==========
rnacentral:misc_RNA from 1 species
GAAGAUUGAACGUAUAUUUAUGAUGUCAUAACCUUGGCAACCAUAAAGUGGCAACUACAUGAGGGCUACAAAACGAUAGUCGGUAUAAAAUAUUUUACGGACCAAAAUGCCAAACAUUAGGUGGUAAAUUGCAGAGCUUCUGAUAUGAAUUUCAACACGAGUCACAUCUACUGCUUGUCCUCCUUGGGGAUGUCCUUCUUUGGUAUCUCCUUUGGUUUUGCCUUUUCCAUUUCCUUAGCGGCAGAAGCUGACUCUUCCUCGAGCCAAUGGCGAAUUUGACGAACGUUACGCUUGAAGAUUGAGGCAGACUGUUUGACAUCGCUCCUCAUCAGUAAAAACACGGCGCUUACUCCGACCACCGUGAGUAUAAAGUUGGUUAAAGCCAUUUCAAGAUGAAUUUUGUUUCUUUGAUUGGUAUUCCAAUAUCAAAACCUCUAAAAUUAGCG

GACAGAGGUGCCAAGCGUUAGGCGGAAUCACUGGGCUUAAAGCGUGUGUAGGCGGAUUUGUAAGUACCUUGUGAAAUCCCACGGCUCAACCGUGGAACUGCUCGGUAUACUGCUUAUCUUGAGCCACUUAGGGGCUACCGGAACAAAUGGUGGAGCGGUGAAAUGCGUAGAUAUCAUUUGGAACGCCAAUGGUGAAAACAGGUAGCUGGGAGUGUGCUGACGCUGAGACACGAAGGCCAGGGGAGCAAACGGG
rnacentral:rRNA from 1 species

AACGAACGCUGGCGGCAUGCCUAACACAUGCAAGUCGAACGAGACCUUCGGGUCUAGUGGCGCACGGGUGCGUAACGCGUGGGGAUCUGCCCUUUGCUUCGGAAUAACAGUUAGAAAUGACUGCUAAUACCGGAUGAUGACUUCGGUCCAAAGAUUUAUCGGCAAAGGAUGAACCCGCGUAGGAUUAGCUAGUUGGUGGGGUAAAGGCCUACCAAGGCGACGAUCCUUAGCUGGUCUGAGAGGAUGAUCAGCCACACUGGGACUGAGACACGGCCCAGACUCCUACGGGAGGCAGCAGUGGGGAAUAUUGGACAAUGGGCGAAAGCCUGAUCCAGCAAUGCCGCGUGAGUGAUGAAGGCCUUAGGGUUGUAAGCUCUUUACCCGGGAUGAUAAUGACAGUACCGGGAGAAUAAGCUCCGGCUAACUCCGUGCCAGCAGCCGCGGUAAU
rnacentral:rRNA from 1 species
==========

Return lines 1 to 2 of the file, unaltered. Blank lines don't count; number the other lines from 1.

rnacentral:misc_RNA from 1 species
GAAGAUUGAACGUAUAUUUAUGAUGUCAUAACCUUGGCAACCAUAAAGUGGCAACUACAUGAGGGCUACAAAACGAUAGUCGGUAUAAAAUAUUUUACGGACCAAAAUGCCAAACAUUAGGUGGUAAAUUGCAGAGCUUCUGAUAUGAAUUUCAACACGAGUCACAUCUACUGCUUGUCCUCCUUGGGGAUGUCCUUCUUUGGUAUCUCCUUUGGUUUUGCCUUUUCCAUUUCCUUAGCGGCAGAAGCUGACUCUUCCUCGAGCCAAUGGCGAAUUUGACGAACGUUACGCUUGAAGAUUGAGGCAGACUGUUUGACAUCGCUCCUCAUCAGUAAAAACACGGCGCUUACUCCGACCACCGUGAGUAUAAAGUUGGUUAAAGCCAUUUCAAGAUGAAUUUUGUUUCUUUGAUUGGUAUUCCAAUAUCAAAACCUCUAAAAUUAGCG